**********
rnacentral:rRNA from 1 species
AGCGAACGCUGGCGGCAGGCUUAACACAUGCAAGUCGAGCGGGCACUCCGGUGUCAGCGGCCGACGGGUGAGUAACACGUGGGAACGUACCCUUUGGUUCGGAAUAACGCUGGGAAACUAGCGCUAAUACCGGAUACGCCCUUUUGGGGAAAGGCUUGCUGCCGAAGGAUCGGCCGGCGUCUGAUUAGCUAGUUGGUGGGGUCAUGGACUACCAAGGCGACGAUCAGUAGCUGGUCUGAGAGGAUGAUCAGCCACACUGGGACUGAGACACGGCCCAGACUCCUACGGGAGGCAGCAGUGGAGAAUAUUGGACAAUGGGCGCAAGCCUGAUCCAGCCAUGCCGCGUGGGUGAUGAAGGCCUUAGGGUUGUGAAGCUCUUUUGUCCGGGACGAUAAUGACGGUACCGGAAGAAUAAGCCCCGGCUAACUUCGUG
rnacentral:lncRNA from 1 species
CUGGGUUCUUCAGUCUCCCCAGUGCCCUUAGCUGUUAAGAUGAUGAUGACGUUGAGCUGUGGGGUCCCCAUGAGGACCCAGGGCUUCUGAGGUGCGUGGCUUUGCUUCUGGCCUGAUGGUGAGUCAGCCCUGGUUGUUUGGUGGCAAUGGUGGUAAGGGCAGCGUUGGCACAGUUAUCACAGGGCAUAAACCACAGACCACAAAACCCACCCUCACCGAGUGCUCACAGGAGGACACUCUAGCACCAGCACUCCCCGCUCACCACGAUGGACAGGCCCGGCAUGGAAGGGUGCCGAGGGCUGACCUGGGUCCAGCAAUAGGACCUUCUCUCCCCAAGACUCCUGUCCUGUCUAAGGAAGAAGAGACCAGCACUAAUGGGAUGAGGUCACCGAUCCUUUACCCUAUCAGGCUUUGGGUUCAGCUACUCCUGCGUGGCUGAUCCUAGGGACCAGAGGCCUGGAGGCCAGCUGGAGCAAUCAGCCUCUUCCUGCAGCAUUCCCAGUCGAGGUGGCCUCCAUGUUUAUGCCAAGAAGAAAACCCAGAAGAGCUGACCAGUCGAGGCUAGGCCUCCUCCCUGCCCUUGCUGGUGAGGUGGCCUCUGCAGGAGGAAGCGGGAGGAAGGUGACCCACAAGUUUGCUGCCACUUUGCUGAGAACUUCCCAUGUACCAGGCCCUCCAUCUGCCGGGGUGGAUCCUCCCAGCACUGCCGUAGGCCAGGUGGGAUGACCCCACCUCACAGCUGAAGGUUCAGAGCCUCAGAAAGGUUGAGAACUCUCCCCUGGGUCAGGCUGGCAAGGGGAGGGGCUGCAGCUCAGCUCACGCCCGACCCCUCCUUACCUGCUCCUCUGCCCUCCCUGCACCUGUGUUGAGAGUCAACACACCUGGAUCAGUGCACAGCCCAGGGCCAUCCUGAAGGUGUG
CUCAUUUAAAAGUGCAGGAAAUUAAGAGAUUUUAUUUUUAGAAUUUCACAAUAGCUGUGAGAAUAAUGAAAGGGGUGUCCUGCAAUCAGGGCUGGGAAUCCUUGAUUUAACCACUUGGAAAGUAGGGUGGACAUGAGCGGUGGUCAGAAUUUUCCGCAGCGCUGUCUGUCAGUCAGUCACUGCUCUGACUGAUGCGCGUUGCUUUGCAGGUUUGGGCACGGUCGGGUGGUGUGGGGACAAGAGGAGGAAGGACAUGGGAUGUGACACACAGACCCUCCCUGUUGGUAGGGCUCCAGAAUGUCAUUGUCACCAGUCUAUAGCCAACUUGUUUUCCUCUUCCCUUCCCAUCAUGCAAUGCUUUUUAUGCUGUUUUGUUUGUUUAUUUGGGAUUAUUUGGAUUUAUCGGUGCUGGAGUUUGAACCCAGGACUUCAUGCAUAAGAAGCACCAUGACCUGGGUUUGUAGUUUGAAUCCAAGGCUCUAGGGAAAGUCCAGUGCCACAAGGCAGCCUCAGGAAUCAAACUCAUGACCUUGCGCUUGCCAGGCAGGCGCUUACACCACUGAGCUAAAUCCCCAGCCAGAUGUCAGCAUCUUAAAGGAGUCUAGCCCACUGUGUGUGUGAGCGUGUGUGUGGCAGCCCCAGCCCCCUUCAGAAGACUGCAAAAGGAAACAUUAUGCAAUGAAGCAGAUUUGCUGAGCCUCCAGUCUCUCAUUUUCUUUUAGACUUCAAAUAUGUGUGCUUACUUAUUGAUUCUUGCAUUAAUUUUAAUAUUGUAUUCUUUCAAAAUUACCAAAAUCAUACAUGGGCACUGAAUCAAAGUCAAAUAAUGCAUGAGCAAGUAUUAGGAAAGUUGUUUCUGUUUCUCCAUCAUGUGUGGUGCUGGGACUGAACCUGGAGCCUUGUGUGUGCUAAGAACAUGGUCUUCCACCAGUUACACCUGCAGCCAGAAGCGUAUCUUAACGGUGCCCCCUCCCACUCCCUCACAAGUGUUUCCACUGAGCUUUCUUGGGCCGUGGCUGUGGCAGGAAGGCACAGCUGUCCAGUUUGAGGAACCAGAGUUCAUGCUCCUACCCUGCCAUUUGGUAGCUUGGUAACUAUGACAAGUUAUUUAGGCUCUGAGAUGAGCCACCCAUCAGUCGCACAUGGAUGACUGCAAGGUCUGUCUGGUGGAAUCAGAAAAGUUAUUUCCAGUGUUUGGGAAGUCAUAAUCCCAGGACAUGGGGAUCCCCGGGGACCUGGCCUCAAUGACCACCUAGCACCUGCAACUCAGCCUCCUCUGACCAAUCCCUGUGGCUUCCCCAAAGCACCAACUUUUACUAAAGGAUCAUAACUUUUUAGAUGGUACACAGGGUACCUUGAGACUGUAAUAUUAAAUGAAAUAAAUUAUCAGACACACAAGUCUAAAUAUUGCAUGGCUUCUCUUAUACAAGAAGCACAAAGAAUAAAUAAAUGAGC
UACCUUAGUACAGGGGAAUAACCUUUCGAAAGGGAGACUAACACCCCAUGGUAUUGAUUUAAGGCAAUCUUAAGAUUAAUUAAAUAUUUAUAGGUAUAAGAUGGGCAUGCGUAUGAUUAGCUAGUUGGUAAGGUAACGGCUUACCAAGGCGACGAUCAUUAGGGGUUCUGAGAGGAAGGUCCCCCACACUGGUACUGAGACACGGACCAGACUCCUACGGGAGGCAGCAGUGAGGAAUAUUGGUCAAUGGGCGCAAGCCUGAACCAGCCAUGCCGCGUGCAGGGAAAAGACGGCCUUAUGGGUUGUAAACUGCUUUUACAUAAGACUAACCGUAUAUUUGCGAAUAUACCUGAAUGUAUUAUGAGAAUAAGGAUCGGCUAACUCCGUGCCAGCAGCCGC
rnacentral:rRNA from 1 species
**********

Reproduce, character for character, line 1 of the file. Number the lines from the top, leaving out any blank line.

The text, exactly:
rnacentral:rRNA from 1 species